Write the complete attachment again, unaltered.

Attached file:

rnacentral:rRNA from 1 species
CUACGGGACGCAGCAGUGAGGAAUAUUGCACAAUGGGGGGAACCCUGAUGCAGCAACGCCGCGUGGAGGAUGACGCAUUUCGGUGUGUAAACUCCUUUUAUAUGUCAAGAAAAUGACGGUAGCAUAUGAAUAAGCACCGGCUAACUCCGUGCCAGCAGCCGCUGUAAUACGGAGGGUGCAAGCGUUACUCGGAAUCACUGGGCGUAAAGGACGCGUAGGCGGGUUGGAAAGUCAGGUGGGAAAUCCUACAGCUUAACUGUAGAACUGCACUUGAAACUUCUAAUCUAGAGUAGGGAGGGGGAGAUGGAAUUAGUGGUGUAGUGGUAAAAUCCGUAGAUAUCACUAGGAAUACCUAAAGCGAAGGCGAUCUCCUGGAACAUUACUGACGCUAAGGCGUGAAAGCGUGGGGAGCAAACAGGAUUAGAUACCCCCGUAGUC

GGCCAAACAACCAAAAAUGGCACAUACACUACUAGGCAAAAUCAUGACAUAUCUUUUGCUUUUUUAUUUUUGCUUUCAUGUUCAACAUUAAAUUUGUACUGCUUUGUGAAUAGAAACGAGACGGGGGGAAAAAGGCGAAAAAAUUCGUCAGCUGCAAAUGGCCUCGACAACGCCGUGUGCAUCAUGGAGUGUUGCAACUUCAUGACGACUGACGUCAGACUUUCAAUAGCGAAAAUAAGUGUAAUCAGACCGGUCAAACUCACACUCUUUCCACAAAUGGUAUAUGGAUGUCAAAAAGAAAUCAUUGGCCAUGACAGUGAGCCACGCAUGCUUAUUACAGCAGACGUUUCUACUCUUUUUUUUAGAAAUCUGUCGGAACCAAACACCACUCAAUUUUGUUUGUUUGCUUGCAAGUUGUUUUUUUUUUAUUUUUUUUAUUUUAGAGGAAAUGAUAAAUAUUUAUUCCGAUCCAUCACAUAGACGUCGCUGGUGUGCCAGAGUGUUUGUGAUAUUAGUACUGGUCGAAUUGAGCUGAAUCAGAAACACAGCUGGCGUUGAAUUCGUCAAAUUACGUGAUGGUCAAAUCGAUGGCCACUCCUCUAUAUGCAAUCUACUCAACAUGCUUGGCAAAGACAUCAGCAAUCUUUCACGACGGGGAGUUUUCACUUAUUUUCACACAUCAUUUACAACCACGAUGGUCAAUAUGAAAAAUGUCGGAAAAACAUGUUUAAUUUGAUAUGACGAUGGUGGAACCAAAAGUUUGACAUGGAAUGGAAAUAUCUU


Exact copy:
rnacentral:rRNA from 1 species
CUACGGGACGCAGCAGUGAGGAAUAUUGCACAAUGGGGGGAACCCUGAUGCAGCAACGCCGCGUGGAGGAUGACGCAUUUCGGUGUGUAAACUCCUUUUAUAUGUCAAGAAAAUGACGGUAGCAUAUGAAUAAGCACCGGCUAACUCCGUGCCAGCAGCCGCUGUAAUACGGAGGGUGCAAGCGUUACUCGGAAUCACUGGGCGUAAAGGACGCGUAGGCGGGUUGGAAAGUCAGGUGGGAAAUCCUACAGCUUAACUGUAGAACUGCACUUGAAACUUCUAAUCUAGAGUAGGGAGGGGGAGAUGGAAUUAGUGGUGUAGUGGUAAAAUCCGUAGAUAUCACUAGGAAUACCUAAAGCGAAGGCGAUCUCCUGGAACAUUACUGACGCUAAGGCGUGAAAGCGUGGGGAGCAAACAGGAUUAGAUACCCCCGUAGUC

GGCCAAACAACCAAAAAUGGCACAUACACUACUAGGCAAAAUCAUGACAUAUCUUUUGCUUUUUUAUUUUUGCUUUCAUGUUCAACAUUAAAUUUGUACUGCUUUGUGAAUAGAAACGAGACGGGGGGAAAAAGGCGAAAAAAUUCGUCAGCUGCAAAUGGCCUCGACAACGCCGUGUGCAUCAUGGAGUGUUGCAACUUCAUGACGACUGACGUCAGACUUUCAAUAGCGAAAAUAAGUGUAAUCAGACCGGUCAAACUCACACUCUUUCCACAAAUGGUAUAUGGAUGUCAAAAAGAAAUCAUUGGCCAUGACAGUGAGCCACGCAUGCUUAUUACAGCAGACGUUUCUACUCUUUUUUUUAGAAAUCUGUCGGAACCAAACACCACUCAAUUUUGUUUGUUUGCUUGCAAGUUGUUUUUUUUUUAUUUUUUUUAUUUUAGAGGAAAUGAUAAAUAUUUAUUCCGAUCCAUCACAUAGACGUCGCUGGUGUGCCAGAGUGUUUGUGAUAUUAGUACUGGUCGAAUUGAGCUGAAUCAGAAACACAGCUGGCGUUGAAUUCGUCAAAUUACGUGAUGGUCAAAUCGAUGGCCACUCCUCUAUAUGCAAUCUACUCAACAUGCUUGGCAAAGACAUCAGCAAUCUUUCACGACGGGGAGUUUUCACUUAUUUUCACACAUCAUUUACAACCACGAUGGUCAAUAUGAAAAAUGUCGGAAAAACAUGUUUAAUUUGAUAUGACGAUGGUGGAACCAAAAGUUUGACAUGGAAUGGAAAUAUCUU